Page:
As I said at the beginning of this interview, Jack Tempchin has written the kind of songs that people dream about writing. I asked him what his biggest challenges as a songwriter are and what advice would he give songwriters today.
“I’m putting up a website called Go Write One on www.patreon.com where I’ve done a whole bunch of one minute or two minute videos about songwriting. What I don’t do is tell anybody how to write a song. I don’t tell them any of the details. I just talk about getting in the mood, getting excited, and getting yourself to do it. That’s coming up in about a week, and I’m going to put up the videos I’ve already shot. I can’t advise anybody about writing a hit, getting it on the radio, or anything like that. I just talk about why it’s cool to write songs and what you can get out of it. I’m in love with it, and I’m just trying to pass that along.
“It’s like the food we have is not as nourishing anymore. I’m looking for a song with some nourishment that I want to hear over and over, and it’s going to give me something. My friend, John Brannen, wrote a song called ‘I’m Still In The Game’. It’s great, and I love it. It inspires me. Unless I go back and listen to Mississippi Fred McDowell, who is somebody that everything they do is totally real and great. Sometimes I think it’s just me. I don’t look hard enough. When I was younger, I looked and looked and found things that were great.
“There are rock ‘n’ roll schools right around my neighborhood in San Diego where you send your kid, and they put together a band. I’m going, ‘Man, we never had that!’ Kids today go, ‘Oh, I want to be a rock star’, and we keep seeing Mick Jagger and Jimi Hendrix done over and over.”
With such a long and successful career in the rough and tumble world of rock and roll, Jack has seen lots of changes in the business. I asked him what are the best and worst changes he’s seen in the music business.
“In the late fifties and sixties, it went from pop music to the folk music era. Then it went from singer/songwriter to country rock to the huge rock tradition we had. That was a huge change. The Beatles were on TV. Elvis came along. That was just my generation taking a left turn from where music had gone before.
“I did learn along the way that there are several kinds of music for different purposes. Along with songs that move people, there is also dance music. In every era, the dance music suddenly predominates for awhile and pushes the other music off the charts. It started with Chubby Checker’s ‘The Twist’. It was a huge craze, and they came out with all the twist records. It was the same for disco, hip hop, and rap. It’s all essentially big beat dance music. When those things are going, you can’t get the other music in for awhile. I wouldn’t look at that as a bad change. It’s just part of the way it is. Dance music is just as valid as any other kind of music.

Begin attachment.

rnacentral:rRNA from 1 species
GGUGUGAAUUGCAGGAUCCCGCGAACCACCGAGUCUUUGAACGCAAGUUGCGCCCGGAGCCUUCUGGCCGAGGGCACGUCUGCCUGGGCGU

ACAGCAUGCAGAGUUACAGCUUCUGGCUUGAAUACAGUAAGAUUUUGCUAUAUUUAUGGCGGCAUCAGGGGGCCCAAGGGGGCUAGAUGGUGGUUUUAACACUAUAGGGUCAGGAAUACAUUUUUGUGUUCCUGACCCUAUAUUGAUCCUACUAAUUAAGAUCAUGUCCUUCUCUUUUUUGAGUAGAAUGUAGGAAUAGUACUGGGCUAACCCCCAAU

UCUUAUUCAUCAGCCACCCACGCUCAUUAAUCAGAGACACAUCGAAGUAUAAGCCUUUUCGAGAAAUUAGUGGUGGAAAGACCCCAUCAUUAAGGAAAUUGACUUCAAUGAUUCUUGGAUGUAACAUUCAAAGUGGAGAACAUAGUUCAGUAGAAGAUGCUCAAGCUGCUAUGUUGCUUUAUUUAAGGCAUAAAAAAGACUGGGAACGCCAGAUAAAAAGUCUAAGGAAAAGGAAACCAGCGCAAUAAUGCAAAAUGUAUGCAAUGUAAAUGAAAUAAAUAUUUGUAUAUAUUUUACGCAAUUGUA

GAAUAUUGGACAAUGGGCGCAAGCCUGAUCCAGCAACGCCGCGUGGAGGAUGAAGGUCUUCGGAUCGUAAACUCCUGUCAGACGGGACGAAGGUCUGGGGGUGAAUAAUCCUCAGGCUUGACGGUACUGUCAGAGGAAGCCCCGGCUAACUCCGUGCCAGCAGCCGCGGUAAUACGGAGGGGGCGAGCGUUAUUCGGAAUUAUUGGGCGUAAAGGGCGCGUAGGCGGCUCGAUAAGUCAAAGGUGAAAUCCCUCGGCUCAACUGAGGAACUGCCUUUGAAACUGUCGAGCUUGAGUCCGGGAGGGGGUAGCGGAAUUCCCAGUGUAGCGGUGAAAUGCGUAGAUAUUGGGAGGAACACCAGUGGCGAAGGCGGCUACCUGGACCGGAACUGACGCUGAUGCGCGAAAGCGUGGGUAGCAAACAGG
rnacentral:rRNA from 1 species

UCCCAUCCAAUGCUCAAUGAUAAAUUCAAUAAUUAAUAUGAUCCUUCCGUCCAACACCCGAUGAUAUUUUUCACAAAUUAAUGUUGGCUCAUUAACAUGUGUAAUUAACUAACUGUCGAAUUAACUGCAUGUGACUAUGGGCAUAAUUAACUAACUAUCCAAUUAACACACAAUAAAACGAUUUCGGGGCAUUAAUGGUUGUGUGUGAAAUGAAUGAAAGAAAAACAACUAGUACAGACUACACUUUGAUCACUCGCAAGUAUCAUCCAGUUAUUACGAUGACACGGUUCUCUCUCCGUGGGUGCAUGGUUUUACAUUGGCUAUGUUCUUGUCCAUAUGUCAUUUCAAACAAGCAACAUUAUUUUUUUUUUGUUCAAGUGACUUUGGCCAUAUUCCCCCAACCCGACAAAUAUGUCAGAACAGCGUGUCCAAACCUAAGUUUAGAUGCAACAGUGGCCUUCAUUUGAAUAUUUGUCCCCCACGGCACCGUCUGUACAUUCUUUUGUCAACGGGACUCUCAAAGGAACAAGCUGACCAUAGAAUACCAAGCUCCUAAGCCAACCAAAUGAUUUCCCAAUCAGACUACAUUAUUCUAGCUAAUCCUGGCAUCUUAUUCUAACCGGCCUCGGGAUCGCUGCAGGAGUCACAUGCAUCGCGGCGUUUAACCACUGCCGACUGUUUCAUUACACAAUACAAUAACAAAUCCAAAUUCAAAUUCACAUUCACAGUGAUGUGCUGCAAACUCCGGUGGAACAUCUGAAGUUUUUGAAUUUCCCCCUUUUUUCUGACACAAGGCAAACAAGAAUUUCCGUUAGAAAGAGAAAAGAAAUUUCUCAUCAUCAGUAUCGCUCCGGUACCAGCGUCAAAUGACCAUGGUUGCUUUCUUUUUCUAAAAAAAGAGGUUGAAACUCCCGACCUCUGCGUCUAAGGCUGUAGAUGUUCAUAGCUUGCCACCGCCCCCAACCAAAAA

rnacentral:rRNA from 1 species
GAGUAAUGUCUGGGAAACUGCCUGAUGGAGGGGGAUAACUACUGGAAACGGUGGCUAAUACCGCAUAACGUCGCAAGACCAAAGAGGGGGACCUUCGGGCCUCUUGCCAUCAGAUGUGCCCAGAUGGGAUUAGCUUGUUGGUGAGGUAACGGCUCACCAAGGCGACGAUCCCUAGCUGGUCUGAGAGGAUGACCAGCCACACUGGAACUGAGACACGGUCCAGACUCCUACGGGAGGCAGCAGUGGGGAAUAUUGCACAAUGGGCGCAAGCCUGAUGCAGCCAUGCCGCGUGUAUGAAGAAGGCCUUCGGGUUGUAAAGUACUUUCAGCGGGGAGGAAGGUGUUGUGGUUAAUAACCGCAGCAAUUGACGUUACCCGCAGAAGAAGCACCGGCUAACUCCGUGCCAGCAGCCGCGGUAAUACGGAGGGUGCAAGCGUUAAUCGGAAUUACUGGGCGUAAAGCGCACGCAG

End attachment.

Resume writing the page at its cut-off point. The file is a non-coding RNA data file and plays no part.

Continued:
“The new technologies are kinda sad as far as the fact that some really creative people are not getting paid for their work. That’s not a good change. However, everyone’s work is now available to anyone who wants it. In a way, as far as spreading music through the planet, that’s a fabulous thing. You can hear something on the internet or radio, and Shazam that thing. You’ll know all about that person and other things they’ve done, and buy a couple songs. You could never do that before. When I heard Mississippi Fred McDowell, I had to go get the record or find someone who even knew he existed. There was no internet. Everybody can just gorge themselves on all the music they like, and I think that’s a positive change.”
If he were named music czar, what would Jack Tempchin do to fix the business?
“I would encourage the Boomers to spend more money, so that there will be a little more balance in the pop music. From many eras, fourteen-year-old girls were the ones who were buying the singles, so all the songs were directed toward what they liked. I think it’s an improvement if you bring everyone in. They should have their music, but so should older folks. It should still be on the radio. People should be listening to the music that you and I liked before, new music from the same people. They should be finding really great songs that are new and presenting them to those of us who’d like to hear them. That’s not really happening as much as it could. Radio concentrates on the big, huge money hits. It kinda leaves us off.
“I’ll wake up and think, ‘Kris Kristofferson- he used to do some great songs. What has he done lately?’ I dig around and find that he did do an album. It’s real funky sounding, but sure enough, he’s got a couple killer songs on there. Nobody’s going to hear them.
“With my album, I’ll think, “Yea, I love it. Sounds great!’ But then, I’ll think, ‘What radio stations are we going to pitch it to?’ There’s nothing out there where people are listening to this stuff.”
As our conversation wrapped up, I asked Jack one final question: When you’ve gone to that great gig in the sky, how do you want to be remembered and what do you hope your legacy will be?
“The song ‘Somewhere Over The Rainbow’- I used to sing to my kid to sing him to sleep. If some of my songs can get worked into the fabric of the culture where people can enjoy them for a long time, that’s great. As a writer and an artist who makes records, I guess I’m not tremendously concerned about that. Just the joy of having been able to write a song everybody knows, and when I sing it, they like it. It’s kind of an unbelievable gift in life very few people get. I don’t really need or want much beyond that which has already happened. Of course, I’m sitting here as an artist going, ‘I want people to hear this new great song I wrote!’ I guess I don’t think about the legacy that much in terms of which way it’s going to go. I’m just happy to be doing it.”